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Novice With Large Sum Of Cash

Discussion in 'Beginner's Lounge' started by Philo Beddoe, May 16, 2014.

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  1. luutzu

    luutzu

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    Smurf,
    you still rent DVDs? People still rent movies and sign up to pay TV? :D

    ---

    Like most things, it's relatively easy to know the basics of stock investments... but to really do well, a little better than knowing the basics... will take a lot of work - work to both know what you are doing, and doing it often enough that you are likely to find the rare opportunities to make it all worthwhile.

    So unless you have the interests, or a large enough savings to make it interesting, best is to put in an index fund(s) and grow with the general economy over time... which averages 7 to 9% p.a. over the long term (a decade or more).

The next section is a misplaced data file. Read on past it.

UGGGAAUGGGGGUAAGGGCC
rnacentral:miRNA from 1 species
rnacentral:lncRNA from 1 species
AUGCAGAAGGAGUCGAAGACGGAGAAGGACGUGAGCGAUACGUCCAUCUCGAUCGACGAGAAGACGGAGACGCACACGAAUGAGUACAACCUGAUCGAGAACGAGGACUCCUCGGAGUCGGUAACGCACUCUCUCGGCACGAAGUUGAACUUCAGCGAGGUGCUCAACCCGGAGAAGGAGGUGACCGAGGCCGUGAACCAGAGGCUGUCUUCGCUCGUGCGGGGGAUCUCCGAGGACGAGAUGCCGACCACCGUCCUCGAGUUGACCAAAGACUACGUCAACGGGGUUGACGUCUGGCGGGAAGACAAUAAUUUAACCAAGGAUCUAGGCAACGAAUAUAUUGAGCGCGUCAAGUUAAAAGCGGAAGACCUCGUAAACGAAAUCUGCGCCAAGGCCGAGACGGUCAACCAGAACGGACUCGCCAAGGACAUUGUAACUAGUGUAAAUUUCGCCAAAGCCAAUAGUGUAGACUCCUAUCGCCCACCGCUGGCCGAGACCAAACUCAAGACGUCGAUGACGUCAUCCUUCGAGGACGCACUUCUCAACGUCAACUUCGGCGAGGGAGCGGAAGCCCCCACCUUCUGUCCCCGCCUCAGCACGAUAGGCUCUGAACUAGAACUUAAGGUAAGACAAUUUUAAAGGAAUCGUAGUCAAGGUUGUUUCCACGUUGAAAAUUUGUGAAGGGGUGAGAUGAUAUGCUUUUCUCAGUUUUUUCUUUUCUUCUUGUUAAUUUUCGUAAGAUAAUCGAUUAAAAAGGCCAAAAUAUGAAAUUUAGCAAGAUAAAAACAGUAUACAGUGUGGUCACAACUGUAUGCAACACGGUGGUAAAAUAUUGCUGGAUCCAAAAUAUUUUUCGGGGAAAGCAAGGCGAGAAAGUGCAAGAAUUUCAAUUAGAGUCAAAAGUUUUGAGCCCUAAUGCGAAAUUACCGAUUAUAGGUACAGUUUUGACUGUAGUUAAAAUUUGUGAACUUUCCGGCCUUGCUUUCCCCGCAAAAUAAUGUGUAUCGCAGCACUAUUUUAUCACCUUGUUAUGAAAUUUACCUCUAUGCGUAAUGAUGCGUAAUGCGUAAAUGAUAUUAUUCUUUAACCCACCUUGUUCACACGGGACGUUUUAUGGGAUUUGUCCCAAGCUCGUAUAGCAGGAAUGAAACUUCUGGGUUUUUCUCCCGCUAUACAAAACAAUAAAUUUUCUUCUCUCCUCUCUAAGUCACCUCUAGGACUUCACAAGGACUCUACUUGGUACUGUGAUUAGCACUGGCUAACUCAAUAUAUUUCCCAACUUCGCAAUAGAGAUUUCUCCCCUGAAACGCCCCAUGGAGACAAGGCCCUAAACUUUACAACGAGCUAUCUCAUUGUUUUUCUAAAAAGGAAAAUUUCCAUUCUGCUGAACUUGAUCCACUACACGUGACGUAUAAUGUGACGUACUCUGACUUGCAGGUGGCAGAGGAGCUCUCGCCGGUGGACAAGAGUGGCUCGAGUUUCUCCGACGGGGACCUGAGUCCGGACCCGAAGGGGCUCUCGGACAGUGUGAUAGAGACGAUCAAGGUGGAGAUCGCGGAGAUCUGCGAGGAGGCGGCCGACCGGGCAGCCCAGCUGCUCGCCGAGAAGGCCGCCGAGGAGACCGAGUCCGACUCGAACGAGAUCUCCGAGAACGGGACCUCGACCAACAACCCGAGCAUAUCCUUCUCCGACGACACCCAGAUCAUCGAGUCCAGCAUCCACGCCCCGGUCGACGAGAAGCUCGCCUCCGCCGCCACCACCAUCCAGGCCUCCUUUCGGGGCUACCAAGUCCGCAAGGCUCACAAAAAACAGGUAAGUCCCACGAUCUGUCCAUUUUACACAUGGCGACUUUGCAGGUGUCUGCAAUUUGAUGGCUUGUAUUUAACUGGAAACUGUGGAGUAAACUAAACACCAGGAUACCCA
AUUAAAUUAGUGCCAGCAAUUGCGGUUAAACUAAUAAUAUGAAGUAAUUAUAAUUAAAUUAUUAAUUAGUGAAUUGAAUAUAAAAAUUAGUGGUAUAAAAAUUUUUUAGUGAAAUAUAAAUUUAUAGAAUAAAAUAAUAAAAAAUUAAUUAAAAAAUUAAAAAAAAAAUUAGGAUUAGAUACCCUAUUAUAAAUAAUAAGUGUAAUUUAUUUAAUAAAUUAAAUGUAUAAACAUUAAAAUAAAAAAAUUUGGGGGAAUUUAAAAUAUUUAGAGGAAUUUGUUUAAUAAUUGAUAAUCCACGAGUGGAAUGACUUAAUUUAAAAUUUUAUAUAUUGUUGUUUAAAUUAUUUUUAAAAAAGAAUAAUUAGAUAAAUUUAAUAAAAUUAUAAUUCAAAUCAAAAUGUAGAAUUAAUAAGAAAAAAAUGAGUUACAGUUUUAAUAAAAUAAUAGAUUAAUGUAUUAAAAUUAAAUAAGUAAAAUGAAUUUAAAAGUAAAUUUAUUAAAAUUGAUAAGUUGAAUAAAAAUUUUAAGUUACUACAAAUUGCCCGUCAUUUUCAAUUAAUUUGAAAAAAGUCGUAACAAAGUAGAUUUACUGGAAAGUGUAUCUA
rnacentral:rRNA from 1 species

But as some have said above, you shouldn't completely just hand the money to a manager and hope for the best... a little research on what they do, how have they been doing, what are they charging etc.. will still be required.

    I mean the Maddoff ponzi goes on for over a decade, with investors (both retail and professional managers/bankers, from around the world) losing $65 Billion [?] when all it took to know it's a ponzi scheme (according to the guys that discover it and raise alarms bell no one at the SEC do anything about)... was a few hours of basic calculations on the reported performance.

    So either diversify across a couple/few unrelated index funds or follow one of those "In God we trust, everyone else pay cash"... "God help those who help themselves" kind of advice.

    It's not the best position to be in, but then it's not half bad either.
     
  2. Judd

    Judd

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    I am Princess Nagara from Nigeria. I can help you.